Japan’s relations with South Korea, which were in terrible shape just a few years ago, are steadfastly becoming more “future-oriented” and “mature,” as the two neighbors have begun to recognize common interests in boosting their global presence and securing their alliances with the new U.S. administration.

“There is no bilateral relationship in which no problems exist. Our predecessors in Japan and South Korea have applied their wisdom to overcome the issues and we, too, must further such efforts in a calm manner and put things in perspective,” Foreign Minister Hirofumi Nakasone said in wrapping up his visit Wednesday in Seoul.

At foreign ministerial talks, Nakasone and his counterpart, Yu Myung Hwan, reached various agreements on key tools to foster the “mature partnership” that the nations’ top leaders are aiming for, including cooperation in providing development assistance for Afghanistan’s reconstruction, the first such joint project between the two neighbors.

“Of course there are still difficult issues between South Korea and Japan . . . but I think the two countries now recognize each other as a very important partner in the international arena,” a Foreign Ministry official involved in Korean affairs said.

Asked by reporters about the significance of joint Japan-South Korea efforts on global issues, Yu said, “As friendly nations that share common values and neighbors with deep understanding for each other culturally, we can create synergy by cooperating and capitalizing on our respective strong points.”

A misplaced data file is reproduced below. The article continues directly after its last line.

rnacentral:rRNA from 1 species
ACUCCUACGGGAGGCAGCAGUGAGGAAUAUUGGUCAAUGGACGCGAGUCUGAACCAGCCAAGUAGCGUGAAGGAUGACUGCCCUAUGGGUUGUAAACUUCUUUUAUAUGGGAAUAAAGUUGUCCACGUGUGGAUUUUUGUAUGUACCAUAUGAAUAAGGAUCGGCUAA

Both Tokyo and Seoul want to expand assistance in Afghanistan, which new U.S. President Barack Obama has indicated he will put priority on. While Japan currently has a greater civilian presence and expertise in Afghan reconstruction, South Korea has an advantage in its ability to send security forces.

The change of administration in the United States and the visit by U.S. Secretary of State Hillary Rodham Clinton to Asia next week have also prompted Japan and South Korea to compare notes and review the appropriate way forward in dealing with the nuclear and other issues related to North Korea.

“At the moment, the Japanese government and the South Korean government are in the same boat and they’re trying to persuade the new U.S. government not to move too fast” on its relations with North Korea, Seoul National University professor Lee Geun said.

Both Tokyo, which wants emphasis put on the abduction issue, and Seoul, which is facing domestic pressures, are wary that the Obama administration’s policy of engagement may lead the U.S. to move too quickly with the North on the nuclear issue.

Saying there is a need for a “comprehensive solution” in the nuclear, missile and abduction issues, Nakasone at Wednesday’s talks hoped to get South Korea and other key players to take a step back and adopt a broader perspective, rather than just dwell on verification of the North’s nuclear programs, a senior ministry official said.

“As the new administration in Washington will take some time to review U.S. policies on North Korea to date, this is a good opportunity to do so,” the official said, asking not to be named.

Tokyo and Seoul are also moving closer in their positions on the abduction issue as South Korea’s conservative government emphasizes human rights issues, especially in North Korea.

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